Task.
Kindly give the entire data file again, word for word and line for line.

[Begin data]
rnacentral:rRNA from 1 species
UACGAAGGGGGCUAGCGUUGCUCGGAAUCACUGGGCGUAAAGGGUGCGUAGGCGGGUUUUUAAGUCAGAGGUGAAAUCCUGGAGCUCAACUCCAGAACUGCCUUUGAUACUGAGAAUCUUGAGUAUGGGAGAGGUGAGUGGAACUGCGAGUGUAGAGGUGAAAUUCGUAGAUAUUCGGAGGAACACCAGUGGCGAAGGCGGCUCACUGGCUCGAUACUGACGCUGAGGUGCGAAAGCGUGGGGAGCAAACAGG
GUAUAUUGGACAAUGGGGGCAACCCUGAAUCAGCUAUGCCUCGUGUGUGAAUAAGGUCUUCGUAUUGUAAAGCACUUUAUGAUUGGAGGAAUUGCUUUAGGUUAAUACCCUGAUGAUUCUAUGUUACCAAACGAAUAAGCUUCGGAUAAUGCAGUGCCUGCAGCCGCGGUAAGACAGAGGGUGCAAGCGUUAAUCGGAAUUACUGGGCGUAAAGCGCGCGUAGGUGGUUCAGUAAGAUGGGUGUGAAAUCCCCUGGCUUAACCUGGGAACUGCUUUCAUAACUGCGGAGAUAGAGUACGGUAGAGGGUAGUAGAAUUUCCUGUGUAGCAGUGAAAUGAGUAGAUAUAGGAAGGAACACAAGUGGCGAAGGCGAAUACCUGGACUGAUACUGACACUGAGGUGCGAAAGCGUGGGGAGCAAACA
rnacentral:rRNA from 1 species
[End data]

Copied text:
rnacentral:rRNA from 1 species
UACGAAGGGGGCUAGCGUUGCUCGGAAUCACUGGGCGUAAAGGGUGCGUAGGCGGGUUUUUAAGUCAGAGGUGAAAUCCUGGAGCUCAACUCCAGAACUGCCUUUGAUACUGAGAAUCUUGAGUAUGGGAGAGGUGAGUGGAACUGCGAGUGUAGAGGUGAAAUUCGUAGAUAUUCGGAGGAACACCAGUGGCGAAGGCGGCUCACUGGCUCGAUACUGACGCUGAGGUGCGAAAGCGUGGGGAGCAAACAGG
GUAUAUUGGACAAUGGGGGCAACCCUGAAUCAGCUAUGCCUCGUGUGUGAAUAAGGUCUUCGUAUUGUAAAGCACUUUAUGAUUGGAGGAAUUGCUUUAGGUUAAUACCCUGAUGAUUCUAUGUUACCAAACGAAUAAGCUUCGGAUAAUGCAGUGCCUGCAGCCGCGGUAAGACAGAGGGUGCAAGCGUUAAUCGGAAUUACUGGGCGUAAAGCGCGCGUAGGUGGUUCAGUAAGAUGGGUGUGAAAUCCCCUGGCUUAACCUGGGAACUGCUUUCAUAACUGCGGAGAUAGAGUACGGUAGAGGGUAGUAGAAUUUCCUGUGUAGCAGUGAAAUGAGUAGAUAUAGGAAGGAACACAAGUGGCGAAGGCGAAUACCUGGACUGAUACUGACACUGAGGUGCGAAAGCGUGGGGAGCAAACA
rnacentral:rRNA from 1 species